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Riche v. Martin

New York Common Pleas — General Term
Nov 1, 1892
1 Misc. 285 (N.Y. Misc. 1892)


November, 1892.

A.C. Astarita, for plaintiff (respondent).

Abram J. Rose, for defendant (appellant).

On the trial, it was conceded that the note in suit was made and delivered in exchange for a loan of money of equal amount; the defense of usury was withdrawn, and there remained only that of partial payment. The burden of sustaining it was upon the defendant; his own testimony was that of a party in interest, and therefore, subject to discredit, though not directly impeached. Elwood v. Western U. Tel. Co., 45 N.Y. 549; Gildersleeve v. Landon, 73 id. 609; Honegger v. Wettstein, 94 id. 252. In some respects, defendant was corroborated by witnesses for the defense, but plaintiff's denial on cross-examination by defendant's counsel, of ever having been paid anything on account of the amount of the note, presented a sufficient conflict of evidence to require a submission of the facts to the jury for determination. A verdict having been rendered for plaintiff for the full amount of the note, and the court below having affirmed the judgment entered thereon, as well as an order denying defendant's motion for a new trial, we cannot reverse, though we should differ in our views with those of the court below respecting the weight of the evidence. On appeals from the City Court, our authority to review the evidence, is measured by that of the Court of Appeals under like circumstances ( Arnstein v. Haulenbeek, 16 Daly, 382; Smith v. Pryor, id. 169), and it is well settled that the Court of Appeals will inquire only to ascertain if there is any evidence to support the judgment appealed from. Hazman v. Hoboken Land Imp. Co., 50 N.Y. 53, 55; Green v. Fortier, 80 id. 640.

A number of the exceptions taken to the trial justice's rulings on the admission of evidence do not present the ground of the objection, and are for that reason unavailable. Cruikshank v. Gordon, 118 N.Y. 178, 186. We shall, therefore, consider those only under which the ground of the objection was stated.

On plaintiff's cross-examination, defendant's counsel elicited the fact, that certain sums of money had been paid plaintiff by defendant subsequent to the delivery of the note, and on re-direct examination, plaintiff was permitted to testify, under objection and exception, that these sums were paid him for wages. The probability of the truth of the testimony was a matter to be determined by the jury, but we can conceive of no ground why the testimony was not material, relevant and competent, and being so, the motion to strike it out was properly denied.

In rebuttal, plaintiff testified, apparently without objection, to a conversation with defendant concerning an alleged payment of one hundred dollars, and defendant's counsel asked that the testimony be stricken out, and to the trial justice's denial of the request, exception was taken. The exception, however, is unavailable, because the ground for the request was not stated, and because counsel could not insist upon compliance with his request as matter of right. Pontius v. People, 82 N.Y. 339, 347.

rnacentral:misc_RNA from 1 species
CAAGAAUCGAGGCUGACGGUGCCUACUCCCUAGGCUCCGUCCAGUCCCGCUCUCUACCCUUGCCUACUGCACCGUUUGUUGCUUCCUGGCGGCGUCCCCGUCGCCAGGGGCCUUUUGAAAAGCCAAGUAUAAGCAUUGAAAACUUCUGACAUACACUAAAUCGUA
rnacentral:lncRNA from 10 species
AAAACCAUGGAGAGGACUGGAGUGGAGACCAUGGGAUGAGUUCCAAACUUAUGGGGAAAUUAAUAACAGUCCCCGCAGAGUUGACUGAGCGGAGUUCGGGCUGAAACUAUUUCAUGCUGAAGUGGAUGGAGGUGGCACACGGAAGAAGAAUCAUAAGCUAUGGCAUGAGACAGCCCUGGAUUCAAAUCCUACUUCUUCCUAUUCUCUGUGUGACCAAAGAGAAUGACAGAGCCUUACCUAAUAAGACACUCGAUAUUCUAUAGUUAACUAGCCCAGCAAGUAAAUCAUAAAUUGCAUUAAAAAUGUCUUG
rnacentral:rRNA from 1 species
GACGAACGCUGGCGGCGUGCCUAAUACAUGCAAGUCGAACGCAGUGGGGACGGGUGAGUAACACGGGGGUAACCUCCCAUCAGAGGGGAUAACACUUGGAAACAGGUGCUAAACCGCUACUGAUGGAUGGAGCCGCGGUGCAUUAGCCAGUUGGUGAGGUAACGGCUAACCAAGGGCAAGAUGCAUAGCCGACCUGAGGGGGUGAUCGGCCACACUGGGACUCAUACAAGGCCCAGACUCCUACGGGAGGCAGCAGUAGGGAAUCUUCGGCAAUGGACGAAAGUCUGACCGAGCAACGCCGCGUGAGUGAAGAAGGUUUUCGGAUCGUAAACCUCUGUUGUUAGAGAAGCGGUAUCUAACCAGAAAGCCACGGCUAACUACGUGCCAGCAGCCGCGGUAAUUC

In view of the facts that counsel for defendant himself during the progress of the trial, offered to allow judgment to be taken against him for substantially the same amount that the facts conceded entitled plaintiff thereto, and that the court so charged, without objection, it is incomprehensible how defendant could have been prejudiced by remarks of plaintiff's counsel to the jury that defendant had offered judgment for three hundred and twenty-two dollars, conceding the remarks to have been improper, and counsel's rebuke deserved. But, be that as it may, if defendant desired to avail himself of such remarks as an objection, counsel should have protested at once against submission of the case to the jury; the court should have been asked to declare a mistrial and to order a new trial, and to a denial of the request, exception should have been taken. Defendant should not be permitted to take his chances of a favorable verdict, and then urge, if the result of the jury's deliberations prove adverse to him, that he was prejudiced. Having consented to the submission of the case to the jury, any objection to improper remarks of counsel for plaintiff was waived, and the motion for a new trial on the ground that the jury was unduly influenced because of them, was properly denied.

The judgment and order appealed from are affirmed, with costs.

BOOKSTAVER and PRYOR, JJ., concur.

Judgment affirmed.

Summaries of

Riche v. Martin

New York Common Pleas — General Term
Nov 1, 1892
1 Misc. 285 (N.Y. Misc. 1892)
Case details for

Riche v. Martin

Case Details

Full title:RICHE v . MARTIN

Court:New York Common Pleas — General Term

Date published: Nov 1, 1892


1 Misc. 285 (N.Y. Misc. 1892)
20 N.Y.S. 693

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